Close
Report Comment to a Moderator Our Moderators review all comments for abusive and offensive language, and ensure comments are from Verified Users only.
Please report a comment only if you feel it requires our urgent attention.
I understand, report it. Cancel

Notch: "Indies are saving gaming. EA is methodically destroying it."

Notch: "Indies are saving gaming. EA is methodically destroying it."

Thu 03 May 2012 10:24am GMT / 6:24am EDT / 3:24am PDT
PeopleDevelopment

Mojang developer lashes out over publisher's Steam 'indie' bundle

Mojang lead and indie icon Markus Persson, AKA Notch, has lashed out at EA on twitter in response to news of the publisher launching an 'indie' bundle on Steam.

In a pair of tweets published earlier today, Persson lambasted the publisher for cashing in on the resurgence of indie titles, claiming that EA was in fact "methodically destroying" gaming whilst indie devs are attempting to save it.

"EA releases an 'indie bundle'? That's not how that works, EA," Persson tweeted in reference to EA's collection of DeathSpank, DeathSpank: Thongs of Virtue, Gatling Gears, Shank, Shank 2 and Warp. "Stop attempting to ruin everything, you bunch of cynical bastards."

Moments later, he added "Indies are saving gaming. EA is methodically destroying it."

Whilst the response could be interpreted as a slightly precious defence of the medium from someone who has become a multi-millionaire after his own indie title became incredibly popular, Notch quickly made clear that he's not trying to take any credit for "saving gaming" himself.

"Fwiw, I don't even call Mojang inde any more. Vlambeer is indie. Polytron is indie. Stephen, Ed, Terry, Derek, Tommy and Chris are indie."

Recently, The Humble Indie Bundles have seen considerable success for the developers involved, despite a 'pay what you want' model which allows purchasers to adjust what percentage of the purchase price goes to developers and what ends up with a charity of their choice.

EA's Indie Bundle is available for £14.38 from Steam, a 70 per cent discount from the costs of each individual title combined.

58 Comments

Klaus Preisinger Freelance Writing

1,186 1,273 1.1
It is definitely interesting that EA would leverage the term "indy" to make a sale, instead of trying to push their company brand name as a sign of quality when it comes to games which are smaller in price and scope.

If EA were a major record label or movie studio, they would have created a subsidiary with a unique brand name and "street credit", when it comes to pushing indy games, a long time ago.

Posted:2 years ago

#1

Ian Bell Head of Studio, Slightly Mad Studios

6 0 0.0
Couldn't agree more with Markus. This is 'Doublespeak' of hilarious proportions.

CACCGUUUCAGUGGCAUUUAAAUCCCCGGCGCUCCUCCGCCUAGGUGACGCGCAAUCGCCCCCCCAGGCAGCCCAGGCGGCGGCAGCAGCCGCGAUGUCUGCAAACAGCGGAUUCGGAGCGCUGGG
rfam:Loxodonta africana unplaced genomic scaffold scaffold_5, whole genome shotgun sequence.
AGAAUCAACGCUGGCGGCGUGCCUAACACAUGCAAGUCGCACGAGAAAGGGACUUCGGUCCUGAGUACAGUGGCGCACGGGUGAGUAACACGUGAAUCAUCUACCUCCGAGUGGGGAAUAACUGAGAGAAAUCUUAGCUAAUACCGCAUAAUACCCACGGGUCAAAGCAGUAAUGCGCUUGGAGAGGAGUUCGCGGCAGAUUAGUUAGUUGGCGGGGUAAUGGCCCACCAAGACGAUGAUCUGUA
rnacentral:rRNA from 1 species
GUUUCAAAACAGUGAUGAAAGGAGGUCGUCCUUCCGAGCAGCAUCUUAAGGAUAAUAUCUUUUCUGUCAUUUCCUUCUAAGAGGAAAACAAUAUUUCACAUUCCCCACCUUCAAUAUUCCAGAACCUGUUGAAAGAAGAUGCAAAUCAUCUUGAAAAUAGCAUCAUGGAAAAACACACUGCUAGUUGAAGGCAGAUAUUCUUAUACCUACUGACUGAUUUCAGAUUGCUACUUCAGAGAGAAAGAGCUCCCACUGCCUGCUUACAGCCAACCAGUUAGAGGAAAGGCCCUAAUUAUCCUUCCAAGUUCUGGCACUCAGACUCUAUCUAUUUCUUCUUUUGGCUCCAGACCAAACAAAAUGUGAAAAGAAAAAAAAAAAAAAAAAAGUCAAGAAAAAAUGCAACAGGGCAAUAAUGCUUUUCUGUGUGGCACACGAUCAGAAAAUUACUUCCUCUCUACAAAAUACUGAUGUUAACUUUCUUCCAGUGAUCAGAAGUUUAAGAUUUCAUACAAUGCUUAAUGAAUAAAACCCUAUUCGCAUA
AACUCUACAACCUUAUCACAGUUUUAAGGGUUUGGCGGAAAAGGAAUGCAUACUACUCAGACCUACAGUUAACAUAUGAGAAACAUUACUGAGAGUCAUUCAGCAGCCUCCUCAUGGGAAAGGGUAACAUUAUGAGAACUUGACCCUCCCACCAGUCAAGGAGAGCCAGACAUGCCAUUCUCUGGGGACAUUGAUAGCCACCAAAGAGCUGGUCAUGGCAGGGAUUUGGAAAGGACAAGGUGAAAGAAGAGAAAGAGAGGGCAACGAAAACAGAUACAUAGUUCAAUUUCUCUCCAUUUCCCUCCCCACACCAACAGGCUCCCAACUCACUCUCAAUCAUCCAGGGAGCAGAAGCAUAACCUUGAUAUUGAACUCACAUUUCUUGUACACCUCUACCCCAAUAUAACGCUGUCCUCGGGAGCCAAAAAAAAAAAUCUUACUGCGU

Posted:2 years ago

#2

Zan Toplisek

44 16 0.4
His accusations are downright pathetic. It reminds me of an overgrown child whose toy has just been shared with grownups.

Ryan Langley from Halfbrick Studios put it nicely: "I mean, would you be pissed if Microsoft made an XBLA Indie Bundle with Braid, Fez, Castle Crashers, Toy Soldiers & Limbo? All MS published."

Posted:2 years ago

#3

Andrew Animator

148 158 1.1
I am very much a fan of indie games, Minecraft being a noteable example. However, I must say that this EA bashing is getting a bit tiresome. Not to say there aren't reasons to criticise, but to say:

"Indies are saving gaming. EA is methodically destroying it."

Is well, a little OTT to say the least. Some of the games I have enjoyed most in recent memory have been EA titles. Perhaps theres a difference between EA the publisher and EA the developer, but the statement draws no divide.

It just seems like a needlessly inflammatory statement to me.

Edited 2 times. Last edit by Andrew on 3rd May 2012 1:16pm

Posted:2 years ago

#4

Rick Lopez Illustrator, Graphic Designer

1,269 941 0.7
I cant see how releasing a bundle full of indie games is bad. Its actually good because a big publisher like EA is actually publishing and promoting indie games.

Posted:2 years ago

#5

Aleksi Ranta Product Manager - Hardware

292 154 0.5
So Notch gets angry when EA uses the term Indie? What a child.
Or was there actually something else that Notch was angry about, that i missed?

Posted:2 years ago

#6

Anthony Gowland Lead Designer, Outplay Entertainment

221 798 3.6
Popular Comment
"Indie" in its current usage is just a fairly meaningless marketing term now, so why not.

"I'm an indie developer" is the "I'm in a band" of the gaming world.

Posted:2 years ago

#7

Aleksi Ranta Product Manager - Hardware

292 154 0.5
Well ill give Notch´s outburst a second thought when a few more current indie developers join him in a semantics discussion and EA bashing.

Posted:2 years ago

#8

Thomas Dolby Project Manager / Lead Programmer, Ai Solve

342 293 0.9
I don't get why this is news. There are people full of angst shouting for the death of EA all over the internet, but because Notch says it, it's news.

I see nothing wrong with what EA is doing here.